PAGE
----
24. #24 jianying
    September 15, 2008

    From what I understand, LHC can only produce a black hole if space-time has more than 4 dimensions as string theory predicts. Due to the extra dimensions the evaporation and other formulas slightly alter, to make it just possible. (essentially the minimal mass of a black hole is dimension dependent) Though, still the black hole would almost instantaneously evaporate. It is this evaporation signal that many string theorist are waiting for, because it would be a direct confirmation of part of their theory.

  25. #25 Ben Lillie
    September 15, 2008

    Jianying is right. For the LHC to produce a black hole, not only is it necessary for there to be more than 4 dimensions, but those dimensions have to be a particular size. They have to be small enough to have not been previously detected, but large enough to affect physics at the scales probed by the LHC. In practice, this means they have to be about 10^{16} times bigger than the dimensions generically predicted by string theory. There are theories that include dimensions of that size, but at this point they’re highly speculative.

    And, of course, even if they do produce black holes they won’t destroy the Earth for all the reason that have been mentioned billions of times by now.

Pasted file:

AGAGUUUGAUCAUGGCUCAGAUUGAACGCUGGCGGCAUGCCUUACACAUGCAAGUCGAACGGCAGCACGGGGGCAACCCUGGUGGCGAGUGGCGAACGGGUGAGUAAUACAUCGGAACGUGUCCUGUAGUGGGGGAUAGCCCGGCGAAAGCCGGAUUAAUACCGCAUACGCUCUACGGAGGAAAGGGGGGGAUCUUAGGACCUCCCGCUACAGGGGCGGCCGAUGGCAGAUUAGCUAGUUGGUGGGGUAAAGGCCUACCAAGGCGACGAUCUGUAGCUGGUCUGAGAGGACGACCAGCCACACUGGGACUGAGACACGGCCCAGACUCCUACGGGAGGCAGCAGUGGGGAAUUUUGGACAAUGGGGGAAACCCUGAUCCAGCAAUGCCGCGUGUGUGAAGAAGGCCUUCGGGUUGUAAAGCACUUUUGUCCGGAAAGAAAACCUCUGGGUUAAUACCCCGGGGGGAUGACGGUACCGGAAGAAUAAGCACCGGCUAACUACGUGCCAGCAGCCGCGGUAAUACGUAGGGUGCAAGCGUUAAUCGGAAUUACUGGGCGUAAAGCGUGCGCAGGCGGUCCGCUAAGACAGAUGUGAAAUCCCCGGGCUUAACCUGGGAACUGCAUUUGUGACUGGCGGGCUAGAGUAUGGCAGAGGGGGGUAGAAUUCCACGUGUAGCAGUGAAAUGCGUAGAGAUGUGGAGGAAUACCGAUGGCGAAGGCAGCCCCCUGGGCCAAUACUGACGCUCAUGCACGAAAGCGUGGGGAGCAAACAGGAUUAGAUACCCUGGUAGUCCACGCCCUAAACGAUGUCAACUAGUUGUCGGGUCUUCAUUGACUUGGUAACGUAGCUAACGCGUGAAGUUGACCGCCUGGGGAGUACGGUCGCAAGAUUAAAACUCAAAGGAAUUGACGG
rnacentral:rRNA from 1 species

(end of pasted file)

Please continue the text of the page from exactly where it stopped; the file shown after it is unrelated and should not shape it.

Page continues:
26. #26 rpenner
    September 30, 2008

    The Wagner/Sancho lawsuit in Hawaii has been dismissed. Walter has stated an intention to appeal before October 26. The judge said that the NEPA law only applies to major Federal actions and the construction of CERN is under the control of CERN, not the US Government, and the US Government spent less than 10% of the costs. So by existing precedent, there’s no cause to make a Federal case out of it.
    http://sciforums.com/showpost.php?p=2029021&postcount=35

    Also discussed, the European case represented a contract dispute with CERN over the LEP construction as an anti-LHC-because-it-was-going-to-kill-us suit, and comparisons with creationist rhetoric.